Guacamelee! is a Metroidvania (look it up if you don’t know what it means) style game inspired by Mesoamerican myth. You play as an agave farmer who gains superpowers from an enchanted luchador mask. You have to save the day by traveling between the world of the living and the world of the dead. It’s pretty, funny, and a mechanically solid.

    Honorable mentions:

    Dungeon of the Endless (a sci-fi Rogue-like dungeon crawl) and Planetary Annihilation (a real-time strategy game) are both shaping up to be fantastic but are in Alpha and Beta, respectively. As such, I can’t suggest them as “game of the year material.” That said, if you have any interest in these types of games, I encourage you to check them out.

  8. Marcos Valdez // December 31, 2013 at 5:18 pm //

    Oh! How could I forget?

    The Legend of Zelda: A Link Between Worlds, is not only the best fantasy game of the year by far, it’s possibly the best game of the year, full stop. The only game even in contention is The Last of Us.

    It’s a return to the less hand-holdy, more tutorial-light Zelda formula of old with beautiful art, arrangements of Link to the Past music, and some of the most inventive puzzles to ever be seen in the series.

  9. I think the only games I played this year that were also actually released this year were the new Pokemon games. So I guess based on my very limited experience, I’d have to rate them the best ones.

    I strongly suspect I missed out on a crapton of awesome games, though, for other systems that I don’t have at the moment. (Ni no Kuni being a major one.)

  10. David Whitbeck // January 4, 2014 at 8:55 am //

    Best science fiction game: Bioshock Infinite. Retains the steampunk feel of the first two games, while having a very different visual aesthetic. The story is ultimately a bunch of silly nonsense that fans treat either reverentially or with disdain. I personally enjoyed it a great deal, and it was my favorite game of the year.

    Honorable Mentions:

    Metro Last Light had a good story, great atmosphere, very well realized post-apocalytpic world. Amazing graphics. I felt frustrated with how it alternated between stealth and run and gun gameplay. It felt like two different games rolled into one. While it was common to overhear well written dialogue establishing NPCs as having real world issues, the sex in the game was crude and juvenile and out of place with everything else.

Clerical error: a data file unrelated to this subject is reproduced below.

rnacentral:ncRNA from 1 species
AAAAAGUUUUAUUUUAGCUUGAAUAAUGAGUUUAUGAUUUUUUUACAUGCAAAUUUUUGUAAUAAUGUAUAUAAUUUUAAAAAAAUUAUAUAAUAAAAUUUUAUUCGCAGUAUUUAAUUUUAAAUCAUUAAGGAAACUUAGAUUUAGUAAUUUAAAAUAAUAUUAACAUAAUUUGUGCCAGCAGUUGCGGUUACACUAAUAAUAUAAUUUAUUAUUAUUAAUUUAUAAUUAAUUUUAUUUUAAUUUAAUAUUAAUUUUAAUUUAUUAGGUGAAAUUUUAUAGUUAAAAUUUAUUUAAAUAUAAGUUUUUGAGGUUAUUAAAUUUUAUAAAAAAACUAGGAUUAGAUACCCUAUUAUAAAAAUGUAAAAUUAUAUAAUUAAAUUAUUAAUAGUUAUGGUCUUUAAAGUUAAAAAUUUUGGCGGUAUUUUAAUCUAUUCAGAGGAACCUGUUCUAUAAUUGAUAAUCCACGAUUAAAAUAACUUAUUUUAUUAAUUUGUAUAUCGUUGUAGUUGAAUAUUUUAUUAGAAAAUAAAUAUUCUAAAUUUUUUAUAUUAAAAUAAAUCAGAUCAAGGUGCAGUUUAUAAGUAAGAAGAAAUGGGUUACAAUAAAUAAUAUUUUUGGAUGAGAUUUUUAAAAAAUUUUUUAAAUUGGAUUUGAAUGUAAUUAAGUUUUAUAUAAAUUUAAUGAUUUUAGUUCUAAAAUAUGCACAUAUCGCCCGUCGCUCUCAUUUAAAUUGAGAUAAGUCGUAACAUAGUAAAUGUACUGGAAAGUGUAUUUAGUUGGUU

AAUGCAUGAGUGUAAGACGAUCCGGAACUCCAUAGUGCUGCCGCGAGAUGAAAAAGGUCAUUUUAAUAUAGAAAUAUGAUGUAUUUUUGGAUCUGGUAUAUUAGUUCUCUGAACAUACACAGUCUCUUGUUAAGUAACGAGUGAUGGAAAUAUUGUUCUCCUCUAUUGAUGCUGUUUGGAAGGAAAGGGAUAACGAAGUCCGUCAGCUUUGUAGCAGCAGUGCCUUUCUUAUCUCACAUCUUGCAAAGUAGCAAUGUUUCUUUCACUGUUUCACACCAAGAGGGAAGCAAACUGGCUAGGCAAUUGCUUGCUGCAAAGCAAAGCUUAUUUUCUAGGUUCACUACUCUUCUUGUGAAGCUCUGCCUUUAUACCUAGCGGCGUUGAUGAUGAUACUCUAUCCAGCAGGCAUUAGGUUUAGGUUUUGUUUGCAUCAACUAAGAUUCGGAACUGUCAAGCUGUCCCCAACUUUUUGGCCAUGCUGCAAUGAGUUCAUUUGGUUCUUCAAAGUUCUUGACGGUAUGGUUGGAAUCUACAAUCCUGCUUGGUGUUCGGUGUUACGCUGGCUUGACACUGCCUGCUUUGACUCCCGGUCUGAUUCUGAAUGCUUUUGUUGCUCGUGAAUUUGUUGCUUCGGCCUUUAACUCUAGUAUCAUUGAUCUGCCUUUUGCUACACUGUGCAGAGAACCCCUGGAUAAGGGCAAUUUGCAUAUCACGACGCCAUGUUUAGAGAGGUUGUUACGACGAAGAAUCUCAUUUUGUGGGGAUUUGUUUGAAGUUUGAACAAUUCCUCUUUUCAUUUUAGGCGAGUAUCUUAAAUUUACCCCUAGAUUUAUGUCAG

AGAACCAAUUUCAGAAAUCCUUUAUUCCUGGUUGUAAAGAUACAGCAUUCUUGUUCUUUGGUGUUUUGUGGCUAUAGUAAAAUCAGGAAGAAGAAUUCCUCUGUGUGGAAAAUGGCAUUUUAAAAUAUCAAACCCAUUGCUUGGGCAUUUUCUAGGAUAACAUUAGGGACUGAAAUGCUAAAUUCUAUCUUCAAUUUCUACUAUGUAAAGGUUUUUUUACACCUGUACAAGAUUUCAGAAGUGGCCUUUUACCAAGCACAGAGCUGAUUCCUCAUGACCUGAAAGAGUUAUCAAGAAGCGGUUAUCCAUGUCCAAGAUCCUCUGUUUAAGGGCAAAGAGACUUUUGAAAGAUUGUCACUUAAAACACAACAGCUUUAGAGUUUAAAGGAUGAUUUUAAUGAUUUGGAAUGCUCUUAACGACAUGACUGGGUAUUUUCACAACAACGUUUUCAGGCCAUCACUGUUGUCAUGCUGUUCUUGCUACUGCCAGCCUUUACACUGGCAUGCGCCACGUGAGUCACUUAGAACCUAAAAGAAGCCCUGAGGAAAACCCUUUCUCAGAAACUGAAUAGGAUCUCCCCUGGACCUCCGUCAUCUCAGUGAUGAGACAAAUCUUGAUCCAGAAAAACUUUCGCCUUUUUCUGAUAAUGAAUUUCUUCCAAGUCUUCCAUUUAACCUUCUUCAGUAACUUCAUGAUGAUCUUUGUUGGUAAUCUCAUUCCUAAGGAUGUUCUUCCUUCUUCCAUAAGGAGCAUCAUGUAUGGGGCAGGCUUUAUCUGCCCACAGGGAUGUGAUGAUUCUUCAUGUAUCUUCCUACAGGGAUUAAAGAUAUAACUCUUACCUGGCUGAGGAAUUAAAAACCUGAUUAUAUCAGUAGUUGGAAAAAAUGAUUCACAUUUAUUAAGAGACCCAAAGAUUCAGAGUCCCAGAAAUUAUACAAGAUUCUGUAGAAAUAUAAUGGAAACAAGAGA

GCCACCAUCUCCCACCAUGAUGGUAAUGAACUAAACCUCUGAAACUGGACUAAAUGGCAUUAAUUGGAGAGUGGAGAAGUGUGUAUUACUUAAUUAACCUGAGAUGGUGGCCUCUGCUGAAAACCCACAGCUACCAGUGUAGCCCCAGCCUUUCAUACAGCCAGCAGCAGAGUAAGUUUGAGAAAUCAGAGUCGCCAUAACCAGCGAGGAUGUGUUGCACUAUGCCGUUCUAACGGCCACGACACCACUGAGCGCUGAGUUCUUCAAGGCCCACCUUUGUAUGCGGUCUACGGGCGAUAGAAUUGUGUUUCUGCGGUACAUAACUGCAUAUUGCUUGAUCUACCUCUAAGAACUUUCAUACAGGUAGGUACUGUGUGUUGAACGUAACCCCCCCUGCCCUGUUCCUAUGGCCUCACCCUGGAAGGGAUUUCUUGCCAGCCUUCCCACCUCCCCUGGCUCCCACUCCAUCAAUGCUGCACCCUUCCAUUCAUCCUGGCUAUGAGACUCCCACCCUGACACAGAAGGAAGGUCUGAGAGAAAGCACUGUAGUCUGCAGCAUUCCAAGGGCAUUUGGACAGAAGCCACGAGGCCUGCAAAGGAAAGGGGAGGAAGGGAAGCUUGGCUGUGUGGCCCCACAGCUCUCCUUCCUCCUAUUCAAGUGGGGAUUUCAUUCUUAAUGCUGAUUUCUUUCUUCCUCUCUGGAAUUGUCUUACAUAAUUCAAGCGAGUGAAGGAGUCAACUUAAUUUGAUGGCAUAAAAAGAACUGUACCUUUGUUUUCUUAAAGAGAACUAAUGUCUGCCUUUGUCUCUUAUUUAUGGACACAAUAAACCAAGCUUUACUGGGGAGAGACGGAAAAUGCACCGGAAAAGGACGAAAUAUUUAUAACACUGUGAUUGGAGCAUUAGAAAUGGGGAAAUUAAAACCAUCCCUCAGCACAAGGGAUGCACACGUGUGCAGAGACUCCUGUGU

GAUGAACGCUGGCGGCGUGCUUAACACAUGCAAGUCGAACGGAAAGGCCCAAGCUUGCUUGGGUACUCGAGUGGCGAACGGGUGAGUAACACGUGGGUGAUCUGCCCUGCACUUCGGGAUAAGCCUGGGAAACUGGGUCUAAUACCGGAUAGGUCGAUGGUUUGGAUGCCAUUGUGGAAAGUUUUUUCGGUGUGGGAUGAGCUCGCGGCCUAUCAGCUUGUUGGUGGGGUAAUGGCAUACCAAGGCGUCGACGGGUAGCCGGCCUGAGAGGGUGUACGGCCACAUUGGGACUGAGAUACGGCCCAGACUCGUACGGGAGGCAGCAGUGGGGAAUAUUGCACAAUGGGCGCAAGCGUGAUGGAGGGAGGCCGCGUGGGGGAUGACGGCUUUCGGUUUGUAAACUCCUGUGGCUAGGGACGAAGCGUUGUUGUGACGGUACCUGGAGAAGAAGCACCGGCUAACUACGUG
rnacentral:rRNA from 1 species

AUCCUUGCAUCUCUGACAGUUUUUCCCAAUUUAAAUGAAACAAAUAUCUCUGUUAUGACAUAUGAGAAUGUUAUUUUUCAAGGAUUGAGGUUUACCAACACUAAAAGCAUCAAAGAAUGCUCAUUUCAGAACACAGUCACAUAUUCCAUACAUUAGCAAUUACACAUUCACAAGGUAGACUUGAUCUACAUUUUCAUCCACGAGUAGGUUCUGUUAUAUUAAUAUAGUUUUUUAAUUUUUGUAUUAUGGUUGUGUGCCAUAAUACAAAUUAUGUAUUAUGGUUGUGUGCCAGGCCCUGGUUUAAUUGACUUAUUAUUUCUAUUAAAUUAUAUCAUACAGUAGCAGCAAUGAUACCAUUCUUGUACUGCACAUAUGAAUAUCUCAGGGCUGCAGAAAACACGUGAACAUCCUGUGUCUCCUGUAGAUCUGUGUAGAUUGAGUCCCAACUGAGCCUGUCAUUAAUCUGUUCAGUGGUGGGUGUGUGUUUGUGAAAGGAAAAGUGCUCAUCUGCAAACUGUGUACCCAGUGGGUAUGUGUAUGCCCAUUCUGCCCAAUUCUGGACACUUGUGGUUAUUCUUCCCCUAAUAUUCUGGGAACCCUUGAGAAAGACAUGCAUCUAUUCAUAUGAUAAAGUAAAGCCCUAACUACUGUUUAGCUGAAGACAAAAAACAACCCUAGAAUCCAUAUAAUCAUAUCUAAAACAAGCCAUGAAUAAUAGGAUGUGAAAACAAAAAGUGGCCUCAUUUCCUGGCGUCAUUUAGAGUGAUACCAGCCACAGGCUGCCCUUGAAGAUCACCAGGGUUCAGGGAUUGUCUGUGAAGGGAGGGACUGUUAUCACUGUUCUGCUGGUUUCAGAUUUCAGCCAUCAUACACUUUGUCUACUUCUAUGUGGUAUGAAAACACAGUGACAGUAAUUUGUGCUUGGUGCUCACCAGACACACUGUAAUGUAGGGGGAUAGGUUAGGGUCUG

Remember Me felt more like a proper sf game, with an awesome story about a dystopian future where memories can be altered. It had a noir Blade Runner feel to it and had stunning graphics to boot. Unfortunately the excruciatingly frustrating and dull combat marred the whole experience.


    I have not played Last of Us, Gone Home, or the new Zelda game yet.

    Beyond Two Souls: A character driven story with the most realized, complex character in maybe all of video game history. Following Ellen Page’s character, you see her at different stages of life for both good and dark moments. She tries to find her own path through life and happiness despite having a paranormal presence tied to her life and a government that considers her essentially their asset to do with as they wish.

    Honorable Mentions:

    The Stanley Parable: Hilarious, witty deconstruction of games. I consider it fantasy given some of the crazy stuff that happens in the game. The story is about how Stanley finds himself alone at work, his co-workers are gone. He leaves his office to explore. The narrator tells the story of his adventure. You can ignore the narrator and try to thwart his narrative but no matter what choices you make, the narrator is ready. The result is a short game that you replay over and over and over for myriads of endings and hilarious humor poking fun of the gamer’s pre-conceptions about what can be done in a game.

    Luigi’s Mansion: Dark Moon: Addictively fun game! Thanks to hidden gold, gems, and boos there is a lot of replay value. A puzzle game is fun, and even the combat with the ghosts is framed as a puzzle. It has a great Disney Land haunted mansion aesthetic. If the game had a checkpoint system, it would be my favorite game of the year. But it doesn’t, and it is frustrating to have to replay entire levels repeatedly just because of a difficulty spike at the end of the levels. As it stands it is still one of my favorite games of the year.

    All in all outside of any genre considerations my favorite games were: Bioshock Infinite, Beyond Two Souls, and Luigi’s Mansion: Dark Moon.

    Worst games that I played: Gears of War: Judgment, God of War: Ascension for being terrible games with poor controls, poor pacing, poor story, and no need to exist accept to make money.

    Game made mediocre by free to pay tactics: Dead Space 3. I paid $60 for this game, and unlike the first two games, tossed waves and waves of baddies at you. This is not survival horror. The intent is to nudge you in the direction of paying to upgrade your gear, instead of scrounging for parts. The game is playable without paying a single red cent beyond the original price, but made tedious instead of fun.

  11. State of Decay is probably my favorite genre game of the year, and is the zombie game I’ve wanted for over a decade. It’s set in an open world full of houses and businesses to loot, where you play as one of two friends, caring for the other who was injured in the opening scene. You find a camp of other survivors, organized by a sufferer of Lupus who stands out as a lovely example of the physically ill fitting into post-apocalyptic fantasies. But the big hook comes shortly later, after your friend recovers, and you can suddenly play as him. You rescue other survivors and can play as them. There is no main character: just as you can find new buildings to set up camps in, and go anywhere you want to find resources and allies, you can also play as anyone, and any character can die out in the world. The game even remembers the condition and placement of every car. It’s an entirely persistent experience.

    Some runner-ups:
    -The Last of Us: masters cinematic storytelling in ways the put most games to shame, very tense
    -Brothers: A Tale of Two Sons: beautiful, constantly surprising game where you control two brothers to solve puzzles by using two halves of the game controller
    -Don’t Starve: a Rogue-like that might as well be set in one of Tim Burton’s nightmares
    -Saint’s Row 4: finally a good Matrix parody, completely wacky and wonderful